The wide-ranging measure carries many of Biden’s top domestic priorities. Party leaders want to end internal battles, avert the risk that the effort could fail and focus voters’ attention on the plan’s popular programs for helping families with child care, health costs and other issues.
Democrats also want Biden to be able to cite accomplishments when he attends a global summit in Scotland on climate change in early November. They also have wanted to make progress that could help Democrat Terry McAuliffe win a neck-and-neck Nov. 2 gubernatorial election in Virginia.
Pelosi and Biden have a deadline for next week. Manchin does not. Pretending Manchin isn't holding 99.99% of the leverage here is wishful thinking, and that's been true for months now. Manchin will get the cuts he decides on. The alternative is nothing, which is what chance Dems will have in the future if this bill self-destructs.
The question remains if he will move the goalposts again, or if Sinema will do so.
The long-term solution remains 52+ Democratic senators.
The first thing to know about Mark Lamb, the sheriff of Pinal County, Arizona, is that he just plain looks like a sheriff. It could be the Justin cowboy hat he wears pulled low over his eyes and his penchant for Western shirts and a tactical vest in lieu of a uniform. It could be his demeanor, at once confident and aw-shucks. It could be his size — he’s 6’3”, 240 pounds, or so he writes in his self-published book, American Sheriff: Traditional Values in a Modern World.
In public, Lamb commands attention. During a July interview at a local café here decked out in Old West paraphernalia, passersby interrupted to clasp hands heartily with him and chat. There was an older Latino man named Randy wearing a snap-pocket shirt who had recently retired from a wild horse-and-burro program at the nearby prison and asked Lamb if he knew any cowboys. There were middle-aged women with salon-styled hair hoping to take their picture with him. There was the waitress who told Lamb he needed to gain weight. They seemed unsurprised to see their sheriff talking to a reporter and flashing his TV-ready smile.
Lamb, 49, has jurisdiction over only Arizona’s third most populous county, a stretch of desert wedged between Phoenix and Tucson that’s home to about 500,000 people. Yet he styles himself as the “American Sheriff” — a moniker around which he has spent the past several years trying to build a national brand as a fervent defender of law enforcement.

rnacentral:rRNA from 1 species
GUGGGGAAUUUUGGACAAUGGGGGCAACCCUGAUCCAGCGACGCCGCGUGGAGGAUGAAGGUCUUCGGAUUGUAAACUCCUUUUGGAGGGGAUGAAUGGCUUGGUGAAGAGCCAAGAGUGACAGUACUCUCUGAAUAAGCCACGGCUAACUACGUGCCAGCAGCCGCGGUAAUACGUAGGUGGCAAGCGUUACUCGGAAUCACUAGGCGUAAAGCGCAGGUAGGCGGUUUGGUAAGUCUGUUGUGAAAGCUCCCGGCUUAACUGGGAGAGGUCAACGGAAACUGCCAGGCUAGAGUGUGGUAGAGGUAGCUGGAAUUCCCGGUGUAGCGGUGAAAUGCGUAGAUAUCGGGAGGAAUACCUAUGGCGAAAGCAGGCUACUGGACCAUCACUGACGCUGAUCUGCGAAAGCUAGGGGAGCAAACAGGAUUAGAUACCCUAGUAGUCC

Since taking office in 2017, Lamb has become the face of a new online streaming service called the American Sheriff Network and of a nonprofit coalition of sheriffs called Protect America Now; he also founded a charity, the American Sheriff Foundation. Lamb is a frequent talking head on Fox News and Newsmax, where he derides President Joe Biden’s and Vice President Kamala Harris’ handling of immigration, and he has spoken at political events like a Turning Point Action summit a few months ago in Phoenix, where he quoted Shakespeare and Thomas Paine (“Tyranny, like hell, is not easily conquered”) and promised, “The sheriffs are going to hold the line.”
With an action figure-style charisma and a growing media platform, Lamb sees it as his mission to educate the American public about the role of the sheriff, which he described to me as to protect people from “the bad guys, and I always say the sheriff is also there to protect the people from government overreach.” As much as he glorifies law enforcement, though, Lamb is selective about which laws he chooses to enforce. He takes a hardline approach on immigration, for example, but when it comes to the government telling people to get vaccinated — or declaring the 2020 election legitimate — he fashions himself as more of a vigilante resister, with a heavy dose of anti-government, sometimes militant rhetoric.
Lamb supported the “stop the steal” campaign in Arizona and has expressed sympathy for the Jan. 6 rioters. He has called vaccine mandates “garbage” and spoke at a recent anti-vaccine rally in Phoenix, where he told supporters, “We’re going to find out what kind of patriots you are. We’re going to find out who is willing to die for freedom.” He also makes direct appeals to citizens, an effort that looks more dangerous after former President Donald Trump riled up supporters on Jan. 6. For example, Lamb, an ardent defender of the Second Amendment, has spoken in support of the formation of private militias — “well within the Constitution,” he told a group of supporters in March — and emphasized the power of sheriffs in Arizona, an open-carry state, to call local civilians into service to “suppress all affrays, insurrections and riots that comes to the attention of the sheriff.” Last year, as Black Lives Matter protests swept across the country, he formed a local civilian “posse” to assist his office with law enforcement, even though there were no such protests in Pinal County.
Through Protect America Now, which was founded by a Republican strategist and two businesspeople working with Lamb and counterparts nationwide, he is marshalling dozens of other elected sheriffs and citizen supporters around these ideas — “building an army” as the group puts it. The message: Sheriffs are here to protect your freedom — including freedom from your own democratically elected government.